What Are the Standards for Mandamus Proceedings?
A writ of mandamus is appropriate where the trial court abuses its discretion and there is no adequate remedy at law. In re Prudential Ins. Co. of Am., 148 S.W.3d 124, 135-36 (Tex. 2004); Walker v. Packer, 827 S.W.2d 833, 839 (Tex. 1992). A trial court abuses its discretion if it reaches an arbitrary and unreasonable decision that amounts to a clear and prejudicial error of law. Walker, 827 S.W.2d at 839. Factual determinations cannot be overturned unless the reviewing court finds that those determinations were arbitrary and unreasonable. Id. at 840. However, a clear failure to correctly analyze or apply the law is an abuse of discretion, subject to relief by mandamus. Id. A trial court’s erroneous determination of the law constitutes a clear abuse of discretion. Id. This principle is true even in unsettled areas of the law. Huie v. DeShazo, 922 S.W.2d 920, 927-29 (Tex. 1996)(orig. proceeding). Whether an adequate remedy on appeal exists turns on the word “adequate,” which has no comprehensive definition and requires a careful balancing of jurisprudential considerations to determine whether mandamus relief should be granted. In re Prudential, 148 S.W.3d at 136. “Mandamus review of significant rulings in exceptional cases may be essential to preserve important substantive and procedural rights from impairment or loss, allow appellate courts to give needed and helpful direction to the law that would otherwise prove elusive in appeals from final judgments, and spare private parties and the public the time and money utterly wasted during eventual reversal of improperly conducted proceedings.” Id. Essentially, an appellate remedy is adequate when the detriments of mandamus relief outweigh its benefits, and conversely an appellate remedy is inadequate when the benefits of mandamus outweigh its detriments. Id.
Texas Supreme Court Update
Trial Court Must Explain Why Granting New Trial
For over 100 years, trial courts had the ability to grant a new trial without providing any justification. In a trilogy of cases, the Texas Supreme Court recently reversed course, now requiring the trial court to provide justification for the new trial. In re Columbia Medical Center of Las Colinas, No. 06-0416 (Tex. 2009); In re Baylor Medical Center at Garland, No. 06-0491 (Tex. 2009); and In re E.I. du Pont de Nemours & Co., No. 08-0625 (Tex. 2009). In each case, the Texas Supreme Court required the trial court to specify why a new trial was granted. What remains to be seen is whether satellite litigation will develop over the sufficiency of the trial court’s rationale in granting a new trial.
Limitations Tolling Provision Does Not Apply If Defendant Is Amenable to Service Out-of State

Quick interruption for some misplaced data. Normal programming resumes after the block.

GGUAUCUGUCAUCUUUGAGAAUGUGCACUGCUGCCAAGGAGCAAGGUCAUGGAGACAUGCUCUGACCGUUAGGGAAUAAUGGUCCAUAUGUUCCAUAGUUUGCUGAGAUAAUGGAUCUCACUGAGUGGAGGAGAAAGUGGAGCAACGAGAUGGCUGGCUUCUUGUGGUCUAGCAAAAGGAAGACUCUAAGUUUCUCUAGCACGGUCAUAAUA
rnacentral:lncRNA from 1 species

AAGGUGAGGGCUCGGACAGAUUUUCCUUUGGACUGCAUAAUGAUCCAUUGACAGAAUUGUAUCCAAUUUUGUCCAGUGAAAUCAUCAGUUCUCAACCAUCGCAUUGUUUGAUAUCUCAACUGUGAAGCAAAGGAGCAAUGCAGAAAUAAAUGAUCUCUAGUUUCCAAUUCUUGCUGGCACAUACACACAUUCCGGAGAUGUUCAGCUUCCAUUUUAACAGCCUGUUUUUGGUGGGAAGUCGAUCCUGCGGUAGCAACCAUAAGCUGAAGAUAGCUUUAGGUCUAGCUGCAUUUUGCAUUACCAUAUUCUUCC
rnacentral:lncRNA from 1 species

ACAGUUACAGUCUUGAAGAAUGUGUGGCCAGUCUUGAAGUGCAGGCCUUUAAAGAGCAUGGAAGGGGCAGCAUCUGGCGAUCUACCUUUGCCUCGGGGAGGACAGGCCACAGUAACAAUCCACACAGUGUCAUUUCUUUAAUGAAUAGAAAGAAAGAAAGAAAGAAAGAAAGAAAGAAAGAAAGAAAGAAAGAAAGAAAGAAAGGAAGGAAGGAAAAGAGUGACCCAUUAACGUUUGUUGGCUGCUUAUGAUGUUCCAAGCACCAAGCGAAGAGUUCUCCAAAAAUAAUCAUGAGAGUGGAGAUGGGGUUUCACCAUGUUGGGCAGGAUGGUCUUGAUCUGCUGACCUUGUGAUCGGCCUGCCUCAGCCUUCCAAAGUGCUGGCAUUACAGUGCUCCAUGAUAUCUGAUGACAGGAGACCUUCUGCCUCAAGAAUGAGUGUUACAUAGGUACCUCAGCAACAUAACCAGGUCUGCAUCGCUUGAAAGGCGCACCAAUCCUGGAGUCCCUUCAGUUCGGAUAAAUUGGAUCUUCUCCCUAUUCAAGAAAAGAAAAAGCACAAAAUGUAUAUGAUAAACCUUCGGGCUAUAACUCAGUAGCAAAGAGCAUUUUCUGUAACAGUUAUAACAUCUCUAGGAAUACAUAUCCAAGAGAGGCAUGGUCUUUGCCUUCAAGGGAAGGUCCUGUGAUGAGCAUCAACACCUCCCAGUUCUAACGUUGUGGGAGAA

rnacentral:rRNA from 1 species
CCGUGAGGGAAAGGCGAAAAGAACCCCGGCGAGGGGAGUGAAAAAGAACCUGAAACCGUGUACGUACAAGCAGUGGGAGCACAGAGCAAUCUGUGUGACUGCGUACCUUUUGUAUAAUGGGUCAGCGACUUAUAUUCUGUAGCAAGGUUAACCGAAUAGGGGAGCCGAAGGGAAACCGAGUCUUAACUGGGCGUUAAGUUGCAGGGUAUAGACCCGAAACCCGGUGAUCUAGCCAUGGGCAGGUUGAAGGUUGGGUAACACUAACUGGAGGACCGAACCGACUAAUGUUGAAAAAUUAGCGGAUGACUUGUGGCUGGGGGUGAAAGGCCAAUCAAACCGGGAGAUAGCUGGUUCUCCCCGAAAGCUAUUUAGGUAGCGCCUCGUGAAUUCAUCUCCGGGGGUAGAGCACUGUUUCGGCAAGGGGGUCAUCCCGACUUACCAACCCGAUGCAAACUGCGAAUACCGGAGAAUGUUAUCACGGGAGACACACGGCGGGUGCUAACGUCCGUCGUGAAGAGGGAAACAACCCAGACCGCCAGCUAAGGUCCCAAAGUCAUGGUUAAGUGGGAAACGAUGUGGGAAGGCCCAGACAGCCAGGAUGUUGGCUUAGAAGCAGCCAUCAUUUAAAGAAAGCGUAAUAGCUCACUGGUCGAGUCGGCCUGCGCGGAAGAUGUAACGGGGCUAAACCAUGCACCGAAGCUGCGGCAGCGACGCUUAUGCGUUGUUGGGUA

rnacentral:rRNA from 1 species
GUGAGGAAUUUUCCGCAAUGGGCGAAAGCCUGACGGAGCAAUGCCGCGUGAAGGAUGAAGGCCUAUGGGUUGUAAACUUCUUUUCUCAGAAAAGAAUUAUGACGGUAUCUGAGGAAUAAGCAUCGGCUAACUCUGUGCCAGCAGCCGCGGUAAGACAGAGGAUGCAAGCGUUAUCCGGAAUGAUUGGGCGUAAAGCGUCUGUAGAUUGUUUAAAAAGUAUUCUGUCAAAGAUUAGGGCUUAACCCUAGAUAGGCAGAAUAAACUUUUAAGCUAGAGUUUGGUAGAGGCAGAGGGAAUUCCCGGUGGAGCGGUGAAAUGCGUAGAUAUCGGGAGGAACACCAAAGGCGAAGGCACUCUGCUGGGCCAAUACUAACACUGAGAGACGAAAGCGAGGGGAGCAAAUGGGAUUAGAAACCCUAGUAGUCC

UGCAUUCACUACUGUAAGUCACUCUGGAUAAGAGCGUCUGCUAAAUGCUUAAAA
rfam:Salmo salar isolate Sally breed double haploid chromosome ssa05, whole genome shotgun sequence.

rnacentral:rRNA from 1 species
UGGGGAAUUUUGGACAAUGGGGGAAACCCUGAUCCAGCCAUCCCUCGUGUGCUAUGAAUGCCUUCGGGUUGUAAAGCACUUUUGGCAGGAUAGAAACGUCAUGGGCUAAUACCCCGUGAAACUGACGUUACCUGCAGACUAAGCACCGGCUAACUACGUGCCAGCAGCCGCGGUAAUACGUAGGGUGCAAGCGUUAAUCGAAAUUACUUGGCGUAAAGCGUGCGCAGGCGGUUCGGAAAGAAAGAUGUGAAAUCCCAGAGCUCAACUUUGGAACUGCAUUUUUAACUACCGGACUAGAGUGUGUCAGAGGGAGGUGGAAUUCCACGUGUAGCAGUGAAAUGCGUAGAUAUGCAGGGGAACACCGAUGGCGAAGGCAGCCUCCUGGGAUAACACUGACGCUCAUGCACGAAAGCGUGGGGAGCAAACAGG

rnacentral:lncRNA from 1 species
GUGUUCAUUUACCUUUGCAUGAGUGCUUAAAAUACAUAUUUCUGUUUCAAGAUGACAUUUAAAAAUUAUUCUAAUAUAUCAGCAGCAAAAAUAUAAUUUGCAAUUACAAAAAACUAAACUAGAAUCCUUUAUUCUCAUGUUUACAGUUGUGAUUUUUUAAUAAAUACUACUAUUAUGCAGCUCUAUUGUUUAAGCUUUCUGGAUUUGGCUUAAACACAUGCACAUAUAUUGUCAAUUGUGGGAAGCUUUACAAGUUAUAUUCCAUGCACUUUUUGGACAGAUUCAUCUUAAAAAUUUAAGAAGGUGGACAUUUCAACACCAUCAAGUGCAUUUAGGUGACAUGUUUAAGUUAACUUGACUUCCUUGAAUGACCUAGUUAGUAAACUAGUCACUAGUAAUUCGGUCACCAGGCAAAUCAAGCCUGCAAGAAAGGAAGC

Section 16.063 of the Texas Civil Practice & Remedies Code tolls the limitations period while the defendant is absent from the state. This provision – as evident from its title – was meant to apply to defendants that were temporarily out of the state. The Texas Supreme Court recently clarified that this provision does not extend the limitations period if the out-of-state defendant is amenable to service. Ashley v. Hawkins, No. 07-0572 (Tex. 2009). This case is also a useful reminder that bringing suit within the limitations period not only requires filing suit but also requires the exercise of diligence in effectuating service on the defendant. Id.
Responsible Third Party Statue Does Not Revive Claims Precluded by the Statute of Repose
The legislature has now enacted several statutes of repose, for example protecting architects, engineers, and physicians. As opposed to a statute of limitations, the statute of repose is a deadline by which all claims must be filed regardless of any potential defense to a limitations period. The statute of repose creates a firm deadline by which a claim must be filed or it is forever precluded. Recently, a question arose whether the responsible third party statute – that extended the limitations period for sixty days for any party named a responsible third party – revived the ability to sue even if the statute of repose had passed. The Texas Supreme Court clarified that the responsible third party statute does not revive claims precluded by a statute of repose. Galbraith Engineering Consultants, Inc. v. Pochucha, No. 07-1051 (Tex. 2009).
Benefits of Hiring an Appellate Lawyer
An experienced appellate lawyer brings six strengths to the table to help advance your position in the trial court and on appeal. First, because not every error is reversible error, the appellate lawyer can help preserve the errors that have a greater likelihood of being reversed on appeal. Through knowledge of the hot appellate issues as well as the standards of review, the appellate lawyer can help you craft arguments that are more likely to win on appeal. Second, more and more appeals are being resolved without oral argument. The appellate lawyer is an expert in writing and can help you by devoting time that you do not have to crafting the winning brief. Third, the appellate lawyer has expertise in the area of appellate law and is familiar with the rules and deadlines. This familiarity creates efficiency in the appellate process. Fourth, the appellate lawyer is able to step back and take a fresh look at the case. When in the heat of battle in the trial court, the trial lawyer becomes the advocate for the client and can, at times, lose sight of the big picture or whether the error is truly reversible error. An appellate lawyer, while still advocating for the client, evaluates the case from a new set of eyes, and thus the appellate independently evaluates whether the error is truly reversible error. Fifth, the appellate lawyer keeps track of advances in the law, which can help you argue for a change in the law, or more importantly, keep you from setting precedent that is harmful to your litigation strategy. Finally, the appellate lawyer sends a signal that you are serious about your position. With appellate counsel involved, trial courts worry that they may be reversed on appeal, and opposing counsel know that you may appeal any adverse outcome. Working with your appellate counsel before and after a judgment has been entered helps you ensure that the client will receive the best possible outcome.